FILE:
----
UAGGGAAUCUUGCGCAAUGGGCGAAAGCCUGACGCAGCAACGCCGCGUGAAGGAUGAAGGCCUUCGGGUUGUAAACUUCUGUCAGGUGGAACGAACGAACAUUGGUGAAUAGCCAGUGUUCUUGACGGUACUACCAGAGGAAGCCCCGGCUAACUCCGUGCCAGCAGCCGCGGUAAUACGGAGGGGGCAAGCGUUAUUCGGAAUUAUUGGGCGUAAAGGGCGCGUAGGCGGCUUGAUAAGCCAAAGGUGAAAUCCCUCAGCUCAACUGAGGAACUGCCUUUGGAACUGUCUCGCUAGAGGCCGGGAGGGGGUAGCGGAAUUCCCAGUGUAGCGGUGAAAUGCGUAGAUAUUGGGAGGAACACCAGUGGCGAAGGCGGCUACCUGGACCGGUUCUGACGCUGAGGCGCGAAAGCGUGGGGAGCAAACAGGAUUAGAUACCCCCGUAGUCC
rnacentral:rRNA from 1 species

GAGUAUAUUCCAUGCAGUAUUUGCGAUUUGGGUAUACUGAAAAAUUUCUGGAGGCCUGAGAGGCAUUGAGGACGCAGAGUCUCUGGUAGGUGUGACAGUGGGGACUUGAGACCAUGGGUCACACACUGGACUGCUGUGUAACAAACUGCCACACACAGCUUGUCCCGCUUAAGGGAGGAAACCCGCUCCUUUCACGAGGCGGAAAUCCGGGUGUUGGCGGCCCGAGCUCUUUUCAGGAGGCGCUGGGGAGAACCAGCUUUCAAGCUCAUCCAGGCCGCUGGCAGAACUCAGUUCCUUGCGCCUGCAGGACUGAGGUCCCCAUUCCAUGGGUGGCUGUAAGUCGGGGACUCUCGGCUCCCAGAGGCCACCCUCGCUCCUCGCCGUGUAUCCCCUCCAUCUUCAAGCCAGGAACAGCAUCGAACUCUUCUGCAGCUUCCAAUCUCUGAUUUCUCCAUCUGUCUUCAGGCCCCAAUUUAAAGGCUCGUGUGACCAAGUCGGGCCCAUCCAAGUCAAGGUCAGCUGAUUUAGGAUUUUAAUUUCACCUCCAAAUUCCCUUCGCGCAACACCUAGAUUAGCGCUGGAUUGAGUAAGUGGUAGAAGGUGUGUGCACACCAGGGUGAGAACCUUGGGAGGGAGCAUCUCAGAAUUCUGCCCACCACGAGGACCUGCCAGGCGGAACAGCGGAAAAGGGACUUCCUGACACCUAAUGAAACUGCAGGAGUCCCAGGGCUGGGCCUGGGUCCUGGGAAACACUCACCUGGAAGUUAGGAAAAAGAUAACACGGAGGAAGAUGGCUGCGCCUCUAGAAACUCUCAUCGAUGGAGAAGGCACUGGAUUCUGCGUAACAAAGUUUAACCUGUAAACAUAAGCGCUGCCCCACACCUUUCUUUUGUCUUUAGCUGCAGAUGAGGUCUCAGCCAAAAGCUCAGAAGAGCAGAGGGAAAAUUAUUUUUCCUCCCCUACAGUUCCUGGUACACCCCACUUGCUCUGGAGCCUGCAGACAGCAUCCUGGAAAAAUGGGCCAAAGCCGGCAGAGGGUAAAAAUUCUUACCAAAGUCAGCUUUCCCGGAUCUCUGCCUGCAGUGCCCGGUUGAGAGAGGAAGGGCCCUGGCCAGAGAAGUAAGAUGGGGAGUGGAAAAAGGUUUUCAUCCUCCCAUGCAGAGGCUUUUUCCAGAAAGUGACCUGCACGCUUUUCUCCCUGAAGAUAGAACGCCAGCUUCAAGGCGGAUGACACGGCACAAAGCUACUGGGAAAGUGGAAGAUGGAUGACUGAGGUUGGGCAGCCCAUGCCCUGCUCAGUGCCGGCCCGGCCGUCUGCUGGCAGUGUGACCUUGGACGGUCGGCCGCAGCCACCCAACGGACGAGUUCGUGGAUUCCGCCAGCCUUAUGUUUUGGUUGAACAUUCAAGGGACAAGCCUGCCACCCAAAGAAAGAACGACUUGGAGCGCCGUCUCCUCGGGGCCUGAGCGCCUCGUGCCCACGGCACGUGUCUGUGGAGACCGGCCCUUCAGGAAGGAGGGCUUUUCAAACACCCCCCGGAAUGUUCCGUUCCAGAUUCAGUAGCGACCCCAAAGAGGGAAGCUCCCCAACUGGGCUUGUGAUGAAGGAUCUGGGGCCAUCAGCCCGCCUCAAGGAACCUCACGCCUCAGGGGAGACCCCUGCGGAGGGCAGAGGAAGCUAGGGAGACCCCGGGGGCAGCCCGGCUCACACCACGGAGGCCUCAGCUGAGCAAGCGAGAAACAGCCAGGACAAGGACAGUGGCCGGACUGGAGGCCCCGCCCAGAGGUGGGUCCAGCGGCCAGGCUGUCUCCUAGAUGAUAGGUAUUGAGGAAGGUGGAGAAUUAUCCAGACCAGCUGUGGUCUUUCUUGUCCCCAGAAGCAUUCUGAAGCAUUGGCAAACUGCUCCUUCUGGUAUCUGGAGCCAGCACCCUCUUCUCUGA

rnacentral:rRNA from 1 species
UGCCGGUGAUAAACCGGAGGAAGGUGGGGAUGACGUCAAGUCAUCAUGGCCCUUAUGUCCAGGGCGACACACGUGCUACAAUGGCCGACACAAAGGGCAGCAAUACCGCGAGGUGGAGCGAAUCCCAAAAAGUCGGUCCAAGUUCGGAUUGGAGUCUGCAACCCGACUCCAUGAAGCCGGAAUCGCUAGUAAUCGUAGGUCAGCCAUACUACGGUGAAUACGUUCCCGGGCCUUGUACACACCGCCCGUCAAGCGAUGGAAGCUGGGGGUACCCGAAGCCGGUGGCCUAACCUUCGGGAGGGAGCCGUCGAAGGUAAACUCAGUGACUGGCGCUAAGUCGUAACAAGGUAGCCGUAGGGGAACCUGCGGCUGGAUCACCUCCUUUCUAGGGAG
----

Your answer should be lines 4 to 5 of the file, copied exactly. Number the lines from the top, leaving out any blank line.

rnacentral:rRNA from 1 species
UGCCGGUGAUAAACCGGAGGAAGGUGGGGAUGACGUCAAGUCAUCAUGGCCCUUAUGUCCAGGGCGACACACGUGCUACAAUGGCCGACACAAAGGGCAGCAAUACCGCGAGGUGGAGCGAAUCCCAAAAAGUCGGUCCAAGUUCGGAUUGGAGUCUGCAACCCGACUCCAUGAAGCCGGAAUCGCUAGUAAUCGUAGGUCAGCCAUACUACGGUGAAUACGUUCCCGGGCCUUGUACACACCGCCCGUCAAGCGAUGGAAGCUGGGGGUACCCGAAGCCGGUGGCCUAACCUUCGGGAGGGAGCCGUCGAAGGUAAACUCAGUGACUGGCGCUAAGUCGUAACAAGGUAGCCGUAGGGGAACCUGCGGCUGGAUCACCUCCUUUCUAGGGAG